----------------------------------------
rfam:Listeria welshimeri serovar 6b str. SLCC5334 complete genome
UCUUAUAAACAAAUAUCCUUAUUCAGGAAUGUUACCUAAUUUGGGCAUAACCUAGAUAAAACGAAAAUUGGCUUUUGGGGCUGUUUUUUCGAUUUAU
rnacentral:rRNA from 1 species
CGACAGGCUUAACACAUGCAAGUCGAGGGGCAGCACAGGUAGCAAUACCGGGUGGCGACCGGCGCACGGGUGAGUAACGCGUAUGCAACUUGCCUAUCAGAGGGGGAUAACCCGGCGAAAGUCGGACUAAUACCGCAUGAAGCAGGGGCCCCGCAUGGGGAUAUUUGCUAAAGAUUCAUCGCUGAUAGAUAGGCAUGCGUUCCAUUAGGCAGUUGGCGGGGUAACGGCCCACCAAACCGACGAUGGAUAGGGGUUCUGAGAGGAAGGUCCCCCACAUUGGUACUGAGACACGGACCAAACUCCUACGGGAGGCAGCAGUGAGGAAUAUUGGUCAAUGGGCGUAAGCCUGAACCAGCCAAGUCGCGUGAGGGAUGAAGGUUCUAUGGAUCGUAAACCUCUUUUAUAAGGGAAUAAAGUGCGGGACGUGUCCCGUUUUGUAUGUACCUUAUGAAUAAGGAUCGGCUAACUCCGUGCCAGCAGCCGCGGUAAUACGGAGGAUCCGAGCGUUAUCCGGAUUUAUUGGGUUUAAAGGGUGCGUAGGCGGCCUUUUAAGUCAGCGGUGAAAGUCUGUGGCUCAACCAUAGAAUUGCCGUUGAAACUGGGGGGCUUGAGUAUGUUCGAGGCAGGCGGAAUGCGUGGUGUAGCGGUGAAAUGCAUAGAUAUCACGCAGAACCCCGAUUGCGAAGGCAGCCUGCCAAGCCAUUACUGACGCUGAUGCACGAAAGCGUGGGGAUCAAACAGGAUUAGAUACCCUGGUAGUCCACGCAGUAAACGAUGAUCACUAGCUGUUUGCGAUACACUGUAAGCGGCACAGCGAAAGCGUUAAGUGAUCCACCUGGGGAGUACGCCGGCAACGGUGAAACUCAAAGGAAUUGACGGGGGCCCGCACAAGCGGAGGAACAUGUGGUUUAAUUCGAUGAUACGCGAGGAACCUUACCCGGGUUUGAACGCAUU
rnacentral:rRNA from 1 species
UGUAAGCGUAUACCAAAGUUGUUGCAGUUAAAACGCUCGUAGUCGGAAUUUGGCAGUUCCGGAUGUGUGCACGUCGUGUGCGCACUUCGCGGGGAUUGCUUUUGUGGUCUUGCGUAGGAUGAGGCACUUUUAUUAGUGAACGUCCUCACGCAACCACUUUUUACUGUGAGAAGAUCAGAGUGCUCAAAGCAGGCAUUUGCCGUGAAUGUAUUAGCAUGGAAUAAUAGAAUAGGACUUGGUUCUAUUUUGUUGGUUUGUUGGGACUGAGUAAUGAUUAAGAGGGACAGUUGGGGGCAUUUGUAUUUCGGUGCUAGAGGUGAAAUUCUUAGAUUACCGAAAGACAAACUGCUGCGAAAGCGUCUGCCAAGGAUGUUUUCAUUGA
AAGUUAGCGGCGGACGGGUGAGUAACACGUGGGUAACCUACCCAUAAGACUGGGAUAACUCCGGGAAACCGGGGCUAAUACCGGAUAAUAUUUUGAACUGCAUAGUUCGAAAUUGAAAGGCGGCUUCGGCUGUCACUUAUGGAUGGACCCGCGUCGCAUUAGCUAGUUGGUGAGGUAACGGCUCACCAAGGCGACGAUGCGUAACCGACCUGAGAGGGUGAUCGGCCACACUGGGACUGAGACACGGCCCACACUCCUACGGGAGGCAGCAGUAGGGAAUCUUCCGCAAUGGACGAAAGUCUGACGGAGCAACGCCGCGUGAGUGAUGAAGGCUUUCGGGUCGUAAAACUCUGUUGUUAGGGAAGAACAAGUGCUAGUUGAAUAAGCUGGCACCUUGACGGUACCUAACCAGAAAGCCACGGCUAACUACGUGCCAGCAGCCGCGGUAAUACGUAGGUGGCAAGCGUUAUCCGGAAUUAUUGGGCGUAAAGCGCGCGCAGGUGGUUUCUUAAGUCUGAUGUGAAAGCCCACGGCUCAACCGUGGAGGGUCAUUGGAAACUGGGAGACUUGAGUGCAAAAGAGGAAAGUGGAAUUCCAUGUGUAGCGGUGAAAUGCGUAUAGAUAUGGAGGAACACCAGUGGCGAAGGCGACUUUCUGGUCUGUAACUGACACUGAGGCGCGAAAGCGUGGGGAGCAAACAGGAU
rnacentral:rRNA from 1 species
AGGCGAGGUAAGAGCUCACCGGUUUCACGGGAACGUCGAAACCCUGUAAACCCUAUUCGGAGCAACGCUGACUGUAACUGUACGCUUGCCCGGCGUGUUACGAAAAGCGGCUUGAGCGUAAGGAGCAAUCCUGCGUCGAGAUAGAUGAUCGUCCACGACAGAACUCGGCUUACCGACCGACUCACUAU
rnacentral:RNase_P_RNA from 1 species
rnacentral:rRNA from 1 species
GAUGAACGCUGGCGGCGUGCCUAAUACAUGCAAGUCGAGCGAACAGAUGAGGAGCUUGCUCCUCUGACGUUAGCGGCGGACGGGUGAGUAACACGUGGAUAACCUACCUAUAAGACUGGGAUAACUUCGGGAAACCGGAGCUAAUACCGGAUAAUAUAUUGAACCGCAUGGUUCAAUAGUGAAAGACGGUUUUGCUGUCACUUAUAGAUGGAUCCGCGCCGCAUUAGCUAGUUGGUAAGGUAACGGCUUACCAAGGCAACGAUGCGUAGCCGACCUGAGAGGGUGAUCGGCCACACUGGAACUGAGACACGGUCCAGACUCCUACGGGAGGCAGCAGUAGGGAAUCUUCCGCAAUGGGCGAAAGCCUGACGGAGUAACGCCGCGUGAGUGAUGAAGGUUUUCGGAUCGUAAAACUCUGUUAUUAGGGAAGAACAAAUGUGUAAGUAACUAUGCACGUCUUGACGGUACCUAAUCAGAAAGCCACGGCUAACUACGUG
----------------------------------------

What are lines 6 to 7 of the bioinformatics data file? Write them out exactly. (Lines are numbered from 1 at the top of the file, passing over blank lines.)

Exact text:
UGUAAGCGUAUACCAAAGUUGUUGCAGUUAAAACGCUCGUAGUCGGAAUUUGGCAGUUCCGGAUGUGUGCACGUCGUGUGCGCACUUCGCGGGGAUUGCUUUUGUGGUCUUGCGUAGGAUGAGGCACUUUUAUUAGUGAACGUCCUCACGCAACCACUUUUUACUGUGAGAAGAUCAGAGUGCUCAAAGCAGGCAUUUGCCGUGAAUGUAUUAGCAUGGAAUAAUAGAAUAGGACUUGGUUCUAUUUUGUUGGUUUGUUGGGACUGAGUAAUGAUUAAGAGGGACAGUUGGGGGCAUUUGUAUUUCGGUGCUAGAGGUGAAAUUCUUAGAUUACCGAAAGACAAACUGCUGCGAAAGCGUCUGCCAAGGAUGUUUUCAUUGA
AAGUUAGCGGCGGACGGGUGAGUAACACGUGGGUAACCUACCCAUAAGACUGGGAUAACUCCGGGAAACCGGGGCUAAUACCGGAUAAUAUUUUGAACUGCAUAGUUCGAAAUUGAAAGGCGGCUUCGGCUGUCACUUAUGGAUGGACCCGCGUCGCAUUAGCUAGUUGGUGAGGUAACGGCUCACCAAGGCGACGAUGCGUAACCGACCUGAGAGGGUGAUCGGCCACACUGGGACUGAGACACGGCCCACACUCCUACGGGAGGCAGCAGUAGGGAAUCUUCCGCAAUGGACGAAAGUCUGACGGAGCAACGCCGCGUGAGUGAUGAAGGCUUUCGGGUCGUAAAACUCUGUUGUUAGGGAAGAACAAGUGCUAGUUGAAUAAGCUGGCACCUUGACGGUACCUAACCAGAAAGCCACGGCUAACUACGUGCCAGCAGCCGCGGUAAUACGUAGGUGGCAAGCGUUAUCCGGAAUUAUUGGGCGUAAAGCGCGCGCAGGUGGUUUCUUAAGUCUGAUGUGAAAGCCCACGGCUCAACCGUGGAGGGUCAUUGGAAACUGGGAGACUUGAGUGCAAAAGAGGAAAGUGGAAUUCCAUGUGUAGCGGUGAAAUGCGUAUAGAUAUGGAGGAACACCAGUGGCGAAGGCGACUUUCUGGUCUGUAACUGACACUGAGGCGCGAAAGCGUGGGGAGCAAACAGGAU